Alternative Approaches to Marine Management Areas
A fully developed system that meets all of the objectives and contains all of the elements discussed above will necessarily evolve over time in response to actual experience. However, there are opportunities for moving forward now based on the experiences of existing marine management areas. This section sets forth changes that are presently under way and can be used as starting points for developing a model for marine area management.
Special Area Management Program under the CZMA. The Coastal Zone Management Act (CZMA) of 1972 (as amended) includes a provision allowing for the designation and establishment of special area management programs by the coastal states as part of their coastal zone management (CZM) programs. Relatively minor changes in the legislative language could allow coastal states to undertake initial efforts to implement the governance and management systems described in this paper. Other aspects of the CZMA offer vehicles for ensuring coordination and integration of decision making processes and need to be examined as models for new ocean governance regimes or approaches.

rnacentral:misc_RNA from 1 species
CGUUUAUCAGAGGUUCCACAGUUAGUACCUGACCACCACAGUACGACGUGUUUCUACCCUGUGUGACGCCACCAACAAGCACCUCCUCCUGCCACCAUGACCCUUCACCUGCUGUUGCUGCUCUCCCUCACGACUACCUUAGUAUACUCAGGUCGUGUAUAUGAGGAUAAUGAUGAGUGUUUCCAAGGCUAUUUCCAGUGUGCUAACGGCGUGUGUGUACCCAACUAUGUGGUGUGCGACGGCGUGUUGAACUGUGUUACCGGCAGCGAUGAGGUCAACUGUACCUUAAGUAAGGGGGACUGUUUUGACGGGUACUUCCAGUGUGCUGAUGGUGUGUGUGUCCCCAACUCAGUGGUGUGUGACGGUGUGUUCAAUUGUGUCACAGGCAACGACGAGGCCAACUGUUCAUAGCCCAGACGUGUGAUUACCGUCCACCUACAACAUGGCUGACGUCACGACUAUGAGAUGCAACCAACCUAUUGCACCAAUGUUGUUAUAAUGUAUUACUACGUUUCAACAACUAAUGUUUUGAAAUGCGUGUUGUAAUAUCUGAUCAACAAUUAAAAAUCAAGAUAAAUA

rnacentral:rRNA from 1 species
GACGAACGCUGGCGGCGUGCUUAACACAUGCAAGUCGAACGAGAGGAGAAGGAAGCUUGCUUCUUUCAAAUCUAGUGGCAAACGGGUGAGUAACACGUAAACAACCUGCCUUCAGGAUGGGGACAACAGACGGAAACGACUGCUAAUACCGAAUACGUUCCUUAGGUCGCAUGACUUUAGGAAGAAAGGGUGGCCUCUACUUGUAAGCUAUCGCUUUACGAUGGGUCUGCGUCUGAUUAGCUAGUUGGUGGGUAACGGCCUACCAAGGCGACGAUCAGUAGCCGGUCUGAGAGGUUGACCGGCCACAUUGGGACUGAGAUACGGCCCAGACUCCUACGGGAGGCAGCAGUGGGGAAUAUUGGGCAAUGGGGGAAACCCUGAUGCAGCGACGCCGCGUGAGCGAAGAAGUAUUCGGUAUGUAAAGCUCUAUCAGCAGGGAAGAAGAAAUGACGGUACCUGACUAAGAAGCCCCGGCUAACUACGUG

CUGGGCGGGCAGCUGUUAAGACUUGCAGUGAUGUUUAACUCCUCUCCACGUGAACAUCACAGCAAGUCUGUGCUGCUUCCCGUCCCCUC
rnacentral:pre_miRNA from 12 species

Marine Sanctuaries. The National Marine Sanctuary Program is a unique federal that tool offers many opportunities for improved governance. Although the primary objective of the sanctuaries program is to protect specific marine resources of exceptional value, it does this through a process that allows for the analysis and management of a multiplicity of uses within the identified area of the marine sanctuary. Evaluating a sanctuary program in relation to the objectives and elements identified in this issues paper would be extremely valuable. The question of whether certain management actions within sanctuaries create greater opportunities for improved governance outside of the sanctuary boundaries is of particular interest.
Moratoria for Oil and Gas Leasing and Fishing. Considerable controversy has surrounded the leasing of outer continental shelf (OCS) areas for oil and gas development and limitations on fishing, such as the limitations imposed on striped bass fishing in Maryland in 1995. Moratoria are one strategy for marine management that prohibits certain activities. Benefits have accrued to the environment and/or to certain species from these actions. It would be useful to investigate the benefits and costs associated with using moratoria as tools for managing selected marine activities.